More help to get Bundy past damage from floods
IF YOU are a flood-affected primary producer or community environmental group living within one hour of Bundaberg who needs some hands-on help with flood recovery, help is available.
A flood recovery employment project - sponsored by the Burnett Mary Regional Group (BMRG), Bundaberg Fruit and Vegetable Growers Association, Conservation Volunteers Australia and the Australian Department of Education, Employment and Workplace Relations - is providing practical help for landholders combined with training opportunities for job seekers to help them find work.
Flood-affected Avondale landholder John Wardrop has workers on his property and said he was highly supportive of the project.
John wouldn't have been able to do all this work so quickly by himself, so it's good to be able to give him a hand and let him know that he's not isolated.
"I'm very happy with the work that's been done - and the speed," he said.
"In a week and a half they've cleaned up around three kilometres of fencing and they've picked up at least half a kilometre of fence, realigned and strained it."
The program has two teams of 10 workers, each team working two days on the property, and then all 20 workers come together on Wednesdays for theory sessions at the Department of Agriculture, Forestry and Fisheries training centre on Ashfield Rd.
Two experienced supervisors are on-site each day - trainer, assessor and supervisor for Australian Agricultural Colleges Corporation, Vince Carige, and Bundaberg area from Conservation Volunteers Australia team leader Terry Spencer.
Mr Carige assured landholders competent people would be in charge - people who understand, own cattle properties themselves and have worked in the industry for years, people who train for a living.
"Landholders can get so much done with 10 workers - controlling weeds applying chemicals, fencing - and are being given an opportunity so I'd suggest they jump on board. But if they're concerned, please contact us and we can talk them through it," he said.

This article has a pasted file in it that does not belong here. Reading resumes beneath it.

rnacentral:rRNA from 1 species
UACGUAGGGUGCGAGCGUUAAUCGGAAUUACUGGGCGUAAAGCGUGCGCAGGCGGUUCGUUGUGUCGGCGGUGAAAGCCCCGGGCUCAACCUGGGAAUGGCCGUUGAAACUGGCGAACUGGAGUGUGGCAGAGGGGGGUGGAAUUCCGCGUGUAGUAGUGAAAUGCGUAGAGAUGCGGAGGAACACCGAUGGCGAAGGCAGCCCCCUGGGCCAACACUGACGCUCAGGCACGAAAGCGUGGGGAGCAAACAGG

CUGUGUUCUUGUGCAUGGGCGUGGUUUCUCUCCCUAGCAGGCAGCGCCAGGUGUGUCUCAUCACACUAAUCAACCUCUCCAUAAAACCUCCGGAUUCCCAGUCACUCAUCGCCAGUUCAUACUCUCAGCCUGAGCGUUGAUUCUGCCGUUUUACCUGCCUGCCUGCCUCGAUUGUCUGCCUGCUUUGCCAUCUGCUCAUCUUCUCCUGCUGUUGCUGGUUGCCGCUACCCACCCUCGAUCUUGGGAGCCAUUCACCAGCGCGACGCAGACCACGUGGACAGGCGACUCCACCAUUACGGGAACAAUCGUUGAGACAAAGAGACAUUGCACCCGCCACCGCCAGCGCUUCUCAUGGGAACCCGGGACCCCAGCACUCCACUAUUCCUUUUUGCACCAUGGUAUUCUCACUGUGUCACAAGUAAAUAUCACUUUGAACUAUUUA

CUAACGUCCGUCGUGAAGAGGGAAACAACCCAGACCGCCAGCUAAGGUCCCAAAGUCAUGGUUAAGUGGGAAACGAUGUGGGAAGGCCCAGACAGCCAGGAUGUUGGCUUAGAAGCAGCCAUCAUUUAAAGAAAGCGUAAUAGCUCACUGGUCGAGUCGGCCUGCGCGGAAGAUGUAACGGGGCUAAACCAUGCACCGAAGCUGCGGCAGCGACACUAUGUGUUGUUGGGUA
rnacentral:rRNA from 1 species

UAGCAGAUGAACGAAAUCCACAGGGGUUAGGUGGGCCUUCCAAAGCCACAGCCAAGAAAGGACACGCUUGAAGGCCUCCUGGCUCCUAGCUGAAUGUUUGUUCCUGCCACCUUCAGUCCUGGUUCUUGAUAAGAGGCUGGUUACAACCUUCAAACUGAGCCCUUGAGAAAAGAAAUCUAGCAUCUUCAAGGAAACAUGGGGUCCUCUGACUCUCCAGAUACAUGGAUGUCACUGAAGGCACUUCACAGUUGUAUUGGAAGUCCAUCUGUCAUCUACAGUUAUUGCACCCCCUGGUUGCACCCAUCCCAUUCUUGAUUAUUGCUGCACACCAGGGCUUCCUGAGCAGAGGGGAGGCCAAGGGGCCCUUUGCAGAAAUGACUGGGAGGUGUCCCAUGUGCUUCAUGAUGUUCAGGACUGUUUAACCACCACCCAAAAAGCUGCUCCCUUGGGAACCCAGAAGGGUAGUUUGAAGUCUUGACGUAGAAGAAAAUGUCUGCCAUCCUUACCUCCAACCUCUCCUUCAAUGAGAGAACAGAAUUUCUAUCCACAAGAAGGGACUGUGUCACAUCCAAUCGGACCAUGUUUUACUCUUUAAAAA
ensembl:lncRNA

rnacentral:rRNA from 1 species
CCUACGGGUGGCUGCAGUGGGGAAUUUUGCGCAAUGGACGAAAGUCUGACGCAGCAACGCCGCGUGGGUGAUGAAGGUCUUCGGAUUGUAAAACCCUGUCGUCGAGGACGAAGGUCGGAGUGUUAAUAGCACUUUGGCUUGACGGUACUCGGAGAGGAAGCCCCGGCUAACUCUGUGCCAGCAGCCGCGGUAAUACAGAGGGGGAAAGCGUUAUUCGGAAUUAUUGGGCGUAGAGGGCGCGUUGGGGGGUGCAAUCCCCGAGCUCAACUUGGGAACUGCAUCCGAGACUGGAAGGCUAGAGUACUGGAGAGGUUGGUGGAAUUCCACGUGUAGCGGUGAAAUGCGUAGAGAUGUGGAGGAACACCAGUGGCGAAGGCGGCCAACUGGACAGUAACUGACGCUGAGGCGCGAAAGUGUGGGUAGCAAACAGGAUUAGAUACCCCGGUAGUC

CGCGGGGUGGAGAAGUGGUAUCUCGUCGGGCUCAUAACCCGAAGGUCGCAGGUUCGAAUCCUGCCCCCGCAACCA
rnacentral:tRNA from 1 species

Mr Spencer said he was impressed by the level of commitment shown by this group of workers.
"These workers have only been working for five days and nearly have the fencing down pat," he said.
Landholders don't have to be on site during operations, but Mr Spencer said it was handy to have machinery there to assist.
"It makes the work process quicker - the project is only for 13 weeks and we'd like to satisfy as many landholders as possible in that time," he said.
"The workers really appreciate doing something and getting these certificates may mean future employment. Let's hope we can get an apprenticeship or something similar with the Certificate Two in Rural Operations for the three 17-year-olds that are here today."
Workers Josephine and Scotty said they were happy with the work they'd done and would love to get work as general farm hands.
"We work in pairs to strain the fences, but I reckon if you'd been doing it a while you'd be able to do it by yourself," Josephine said.
"John wouldn't have been able to do all this work so quickly by himself, so it's good to be able to give him a hand and let him know that he's not isolated and that others care about what's happened."
"It's really good we've been able to help John out - he really appreciates it," Scotty said.
"And it's great to work outdoors with my team-mates."
If you are interested in having these workers assist you with your flood recovery, please call BMRG volunteer coordinator Brad Crosbie on 07 4181 2999.